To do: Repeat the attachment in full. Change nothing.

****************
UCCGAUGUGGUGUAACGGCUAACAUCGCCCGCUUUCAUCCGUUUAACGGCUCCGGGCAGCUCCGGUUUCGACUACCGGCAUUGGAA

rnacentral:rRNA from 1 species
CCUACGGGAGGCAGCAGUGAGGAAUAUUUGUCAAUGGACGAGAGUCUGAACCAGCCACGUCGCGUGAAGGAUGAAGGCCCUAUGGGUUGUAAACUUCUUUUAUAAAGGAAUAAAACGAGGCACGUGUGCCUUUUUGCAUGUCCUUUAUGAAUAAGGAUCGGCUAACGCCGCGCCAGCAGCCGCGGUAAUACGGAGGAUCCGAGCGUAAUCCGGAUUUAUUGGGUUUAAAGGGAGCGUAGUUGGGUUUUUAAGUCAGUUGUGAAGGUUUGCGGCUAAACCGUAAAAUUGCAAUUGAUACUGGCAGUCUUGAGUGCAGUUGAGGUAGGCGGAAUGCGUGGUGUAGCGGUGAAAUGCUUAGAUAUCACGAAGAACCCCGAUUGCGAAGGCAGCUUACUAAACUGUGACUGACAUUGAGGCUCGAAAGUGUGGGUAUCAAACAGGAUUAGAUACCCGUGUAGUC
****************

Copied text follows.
UCCGAUGUGGUGUAACGGCUAACAUCGCCCGCUUUCAUCCGUUUAACGGCUCCGGGCAGCUCCGGUUUCGACUACCGGCAUUGGAA

rnacentral:rRNA from 1 species
CCUACGGGAGGCAGCAGUGAGGAAUAUUUGUCAAUGGACGAGAGUCUGAACCAGCCACGUCGCGUGAAGGAUGAAGGCCCUAUGGGUUGUAAACUUCUUUUAUAAAGGAAUAAAACGAGGCACGUGUGCCUUUUUGCAUGUCCUUUAUGAAUAAGGAUCGGCUAACGCCGCGCCAGCAGCCGCGGUAAUACGGAGGAUCCGAGCGUAAUCCGGAUUUAUUGGGUUUAAAGGGAGCGUAGUUGGGUUUUUAAGUCAGUUGUGAAGGUUUGCGGCUAAACCGUAAAAUUGCAAUUGAUACUGGCAGUCUUGAGUGCAGUUGAGGUAGGCGGAAUGCGUGGUGUAGCGGUGAAAUGCUUAGAUAUCACGAAGAACCCCGAUUGCGAAGGCAGCUUACUAAACUGUGACUGACAUUGAGGCUCGAAAGUGUGGGUAUCAAACAGGAUUAGAUACCCGUGUAGUC